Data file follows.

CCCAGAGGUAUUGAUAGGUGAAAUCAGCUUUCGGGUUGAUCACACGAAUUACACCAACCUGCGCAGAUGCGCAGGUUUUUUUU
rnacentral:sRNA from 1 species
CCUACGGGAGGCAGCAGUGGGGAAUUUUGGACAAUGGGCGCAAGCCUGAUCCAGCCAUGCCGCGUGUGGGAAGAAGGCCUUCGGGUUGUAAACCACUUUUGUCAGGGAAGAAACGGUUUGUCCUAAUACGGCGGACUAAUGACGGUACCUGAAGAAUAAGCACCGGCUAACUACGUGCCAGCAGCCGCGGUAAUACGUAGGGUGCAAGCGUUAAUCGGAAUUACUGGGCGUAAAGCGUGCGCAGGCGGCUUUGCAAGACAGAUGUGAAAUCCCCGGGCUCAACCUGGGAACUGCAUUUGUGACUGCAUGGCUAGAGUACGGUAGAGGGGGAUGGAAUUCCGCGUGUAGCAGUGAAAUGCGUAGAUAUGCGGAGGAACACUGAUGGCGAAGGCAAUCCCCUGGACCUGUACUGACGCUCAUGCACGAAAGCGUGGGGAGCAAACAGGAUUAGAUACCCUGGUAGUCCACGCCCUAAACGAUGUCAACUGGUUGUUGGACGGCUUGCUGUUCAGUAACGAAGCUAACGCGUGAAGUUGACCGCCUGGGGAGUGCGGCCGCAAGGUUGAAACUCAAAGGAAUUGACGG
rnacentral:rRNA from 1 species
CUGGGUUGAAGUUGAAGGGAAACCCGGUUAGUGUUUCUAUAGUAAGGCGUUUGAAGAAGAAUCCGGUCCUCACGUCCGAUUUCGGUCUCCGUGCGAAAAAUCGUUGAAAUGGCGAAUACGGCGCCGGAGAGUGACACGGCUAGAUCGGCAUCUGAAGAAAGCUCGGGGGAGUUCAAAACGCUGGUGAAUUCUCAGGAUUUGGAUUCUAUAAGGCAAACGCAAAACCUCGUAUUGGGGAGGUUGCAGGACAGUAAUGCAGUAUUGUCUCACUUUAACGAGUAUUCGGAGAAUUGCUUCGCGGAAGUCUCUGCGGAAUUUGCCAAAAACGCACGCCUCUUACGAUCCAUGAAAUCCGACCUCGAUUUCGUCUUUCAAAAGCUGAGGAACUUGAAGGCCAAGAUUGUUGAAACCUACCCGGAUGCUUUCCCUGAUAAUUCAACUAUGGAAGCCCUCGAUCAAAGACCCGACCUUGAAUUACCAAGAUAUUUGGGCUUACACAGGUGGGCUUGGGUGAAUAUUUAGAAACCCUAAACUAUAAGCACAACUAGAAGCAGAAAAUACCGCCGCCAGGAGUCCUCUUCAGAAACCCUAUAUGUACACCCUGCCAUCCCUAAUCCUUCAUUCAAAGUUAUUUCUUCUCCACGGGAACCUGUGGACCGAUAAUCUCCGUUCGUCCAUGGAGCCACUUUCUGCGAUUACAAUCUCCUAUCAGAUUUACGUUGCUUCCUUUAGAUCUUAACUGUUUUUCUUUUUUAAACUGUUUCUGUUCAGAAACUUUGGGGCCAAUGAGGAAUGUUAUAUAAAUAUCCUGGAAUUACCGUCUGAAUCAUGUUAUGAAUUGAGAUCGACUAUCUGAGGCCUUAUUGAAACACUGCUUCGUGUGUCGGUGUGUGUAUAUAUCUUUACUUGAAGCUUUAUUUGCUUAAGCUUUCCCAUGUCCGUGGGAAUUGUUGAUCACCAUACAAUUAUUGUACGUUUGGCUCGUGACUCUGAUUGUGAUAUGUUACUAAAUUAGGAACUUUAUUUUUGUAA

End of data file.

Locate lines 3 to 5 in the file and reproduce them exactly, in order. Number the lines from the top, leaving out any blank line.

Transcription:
CCUACGGGAGGCAGCAGUGGGGAAUUUUGGACAAUGGGCGCAAGCCUGAUCCAGCCAUGCCGCGUGUGGGAAGAAGGCCUUCGGGUUGUAAACCACUUUUGUCAGGGAAGAAACGGUUUGUCCUAAUACGGCGGACUAAUGACGGUACCUGAAGAAUAAGCACCGGCUAACUACGUGCCAGCAGCCGCGGUAAUACGUAGGGUGCAAGCGUUAAUCGGAAUUACUGGGCGUAAAGCGUGCGCAGGCGGCUUUGCAAGACAGAUGUGAAAUCCCCGGGCUCAACCUGGGAACUGCAUUUGUGACUGCAUGGCUAGAGUACGGUAGAGGGGGAUGGAAUUCCGCGUGUAGCAGUGAAAUGCGUAGAUAUGCGGAGGAACACUGAUGGCGAAGGCAAUCCCCUGGACCUGUACUGACGCUCAUGCACGAAAGCGUGGGGAGCAAACAGGAUUAGAUACCCUGGUAGUCCACGCCCUAAACGAUGUCAACUGGUUGUUGGACGGCUUGCUGUUCAGUAACGAAGCUAACGCGUGAAGUUGACCGCCUGGGGAGUGCGGCCGCAAGGUUGAAACUCAAAGGAAUUGACGG
rnacentral:rRNA from 1 species
CUGGGUUGAAGUUGAAGGGAAACCCGGUUAGUGUUUCUAUAGUAAGGCGUUUGAAGAAGAAUCCGGUCCUCACGUCCGAUUUCGGUCUCCGUGCGAAAAAUCGUUGAAAUGGCGAAUACGGCGCCGGAGAGUGACACGGCUAGAUCGGCAUCUGAAGAAAGCUCGGGGGAGUUCAAAACGCUGGUGAAUUCUCAGGAUUUGGAUUCUAUAAGGCAAACGCAAAACCUCGUAUUGGGGAGGUUGCAGGACAGUAAUGCAGUAUUGUCUCACUUUAACGAGUAUUCGGAGAAUUGCUUCGCGGAAGUCUCUGCGGAAUUUGCCAAAAACGCACGCCUCUUACGAUCCAUGAAAUCCGACCUCGAUUUCGUCUUUCAAAAGCUGAGGAACUUGAAGGCCAAGAUUGUUGAAACCUACCCGGAUGCUUUCCCUGAUAAUUCAACUAUGGAAGCCCUCGAUCAAAGACCCGACCUUGAAUUACCAAGAUAUUUGGGCUUACACAGGUGGGCUUGGGUGAAUAUUUAGAAACCCUAAACUAUAAGCACAACUAGAAGCAGAAAAUACCGCCGCCAGGAGUCCUCUUCAGAAACCCUAUAUGUACACCCUGCCAUCCCUAAUCCUUCAUUCAAAGUUAUUUCUUCUCCACGGGAACCUGUGGACCGAUAAUCUCCGUUCGUCCAUGGAGCCACUUUCUGCGAUUACAAUCUCCUAUCAGAUUUACGUUGCUUCCUUUAGAUCUUAACUGUUUUUCUUUUUUAAACUGUUUCUGUUCAGAAACUUUGGGGCCAAUGAGGAAUGUUAUAUAAAUAUCCUGGAAUUACCGUCUGAAUCAUGUUAUGAAUUGAGAUCGACUAUCUGAGGCCUUAUUGAAACACUGCUUCGUGUGUCGGUGUGUGUAUAUAUCUUUACUUGAAGCUUUAUUUGCUUAAGCUUUCCCAUGUCCGUGGGAAUUGUUGAUCACCAUACAAUUAUUGUACGUUUGGCUCGUGACUCUGAUUGUGAUAUGUUACUAAAUUAGGAACUUUAUUUUUGUAA